Everything in nonprofit marketing starts with a question. A question that must be answered by your donors and not your marketing department. As a nonprofit marketer, your organization exists for the greater good.

Recently, I was talking with my friends at Attentive.ly about this one fundamental question:

How can nonprofits get people who are talking about their issues on social media to engage, advocate, or donate to their organization?

To answer this question, we enlisted the help of Southern Utah Wilderness Alliance (SUWA), a conservation nonprofit located in Utah.

Their cause for conservation has recently lead them to fight back against Utah politicians who are attempting to undermine the recently created Bears Ears National Monument.

SUWA decided that they would like to find people who are talking about Bears Ears on Twitter to prompt them to take an action. Its one thing to talk about something you are passionate about, but its another thing to do something about it and SUWA was determined to help people move from a place of passion to action.

Attentive.ly has a great feature that allows users to create a group of people talking about a subject like #BearsEars and create a custom audience in your Facebook advertising account.

This custom audience can be used to show very specific advertising messages to people in the audience and ask them to take an action like sign a petition or give a donation.

After creating this audience within Facebook, we found 200 people who were talking about Bears Ears on Twitter that matched on Facebook so we could show them Facebook ads.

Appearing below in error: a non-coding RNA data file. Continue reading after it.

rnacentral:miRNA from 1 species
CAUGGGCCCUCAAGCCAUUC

Then we went one step further and had Facebook create what’s called a look-a-like audience of those 200 people (within 1%) to give us about two million people in the United States who looked just like those 200 people who were passionate about saving Bears Ears.

We setup two adsets within our campaign. The first adset targeted just those two hundred people we pulled in from Attentive.ly. The second adset targeted the two million people, but we narrowed it down to only people in that group who also care about giving to wildlife and conservation causes.

This gave us a nice mix of people who knew SUWA and a group that did not.

We ran the test for approximately three weeks and spent $526 in advertising dollars on Facebook.

In the ad we showed a picture of Bears Ears and simply told people what SUWA was fighting for and invited them to sign the petition on SUWA’s website.

After $526 in ad spend, SUWA was able to attain 1,260 leads. That’s a cost per lead of $.36. Moreover, seven people donated $250 immediately, lowering our net CPL to $.23.